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The growing rate of malnutrition: 815 million go to bed hungry each night

The growing rate of malnutrition: 815 million go to bed hungry each night

The growing rate of malnutrition: 815 million go to bed hungry each night

October 16 marks World Food Day, and the United Nations has an ambitious goal of achieving zero hunger by 2030 – but is it really doable?

Chronic hunger and malnutrition are on the rise again globally. According to data from the Food and Agriculture Organisation of the United Nations (FAO), 815 million people in the world go to bed hungry each night. Considering this, it may seem ambitious to achieve a world without hunger by 2030. Yet this is the theme of this year’s FAO World Food Day, celebrated annually on 16 October.

Due to factors such as conflict, climate and the economy, tackling malnutrition is growing increasingly complicated. However the ISO believes that food security and nutrition can make great strides when countries, institutions and people all work together.

FAO works directly with farmers, fishers and others in agriculture to build their knowledge and resilience. They have created more than 1600 International Standards for the food production sector that directly help to end world hunger by creating confidence in food products, improving agricultural methods and promoting sustainable and ethical purchasing. Some of their key suggestions as to ways producers can reduce hunger include factors like adapting to climate change, seeking out new technology and promoting education.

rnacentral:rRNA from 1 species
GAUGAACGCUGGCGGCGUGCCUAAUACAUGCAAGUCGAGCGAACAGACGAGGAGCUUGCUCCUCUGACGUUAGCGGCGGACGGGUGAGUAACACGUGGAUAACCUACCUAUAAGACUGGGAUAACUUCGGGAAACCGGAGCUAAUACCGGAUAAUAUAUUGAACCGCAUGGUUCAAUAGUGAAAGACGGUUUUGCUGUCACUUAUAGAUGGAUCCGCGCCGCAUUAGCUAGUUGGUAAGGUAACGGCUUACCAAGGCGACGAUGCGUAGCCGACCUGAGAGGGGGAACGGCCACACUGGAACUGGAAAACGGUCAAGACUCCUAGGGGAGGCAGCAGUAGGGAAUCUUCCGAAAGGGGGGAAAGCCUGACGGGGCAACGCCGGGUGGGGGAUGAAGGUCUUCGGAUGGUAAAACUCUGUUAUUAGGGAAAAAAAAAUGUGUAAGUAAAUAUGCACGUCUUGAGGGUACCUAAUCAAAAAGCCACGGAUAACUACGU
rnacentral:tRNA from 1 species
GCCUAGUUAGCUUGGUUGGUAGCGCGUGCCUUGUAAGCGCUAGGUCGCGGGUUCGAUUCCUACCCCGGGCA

FAO also supports global efforts to achieve Zero Hunger at international, regional and national levels. In South Sudan, FAO is helping farmers to control Fall Armyworm (FAW), which feeds primarily on maize. FAO has launched a mobile application to help farmers identify FAW, report the levels of infestation and share information on natural enemies that could help to curb its spread.

Meanwhile, in Kyrgyzstan, FAO is helping to restore the collapsed fisheries sector, and in Egypt FAO has partnered with university experts to train grape and tomato farmers in ways to reduce post-harvest food losses.

Of course, governments, companies and farmers cannot end hunger alone. Everyone must play their part by using resources more wisely and adopting more sustainable lifestyles. Even just reducing household food waste and sourcing locally where possible can make an difference in efforts to achieve Zero Hunger.

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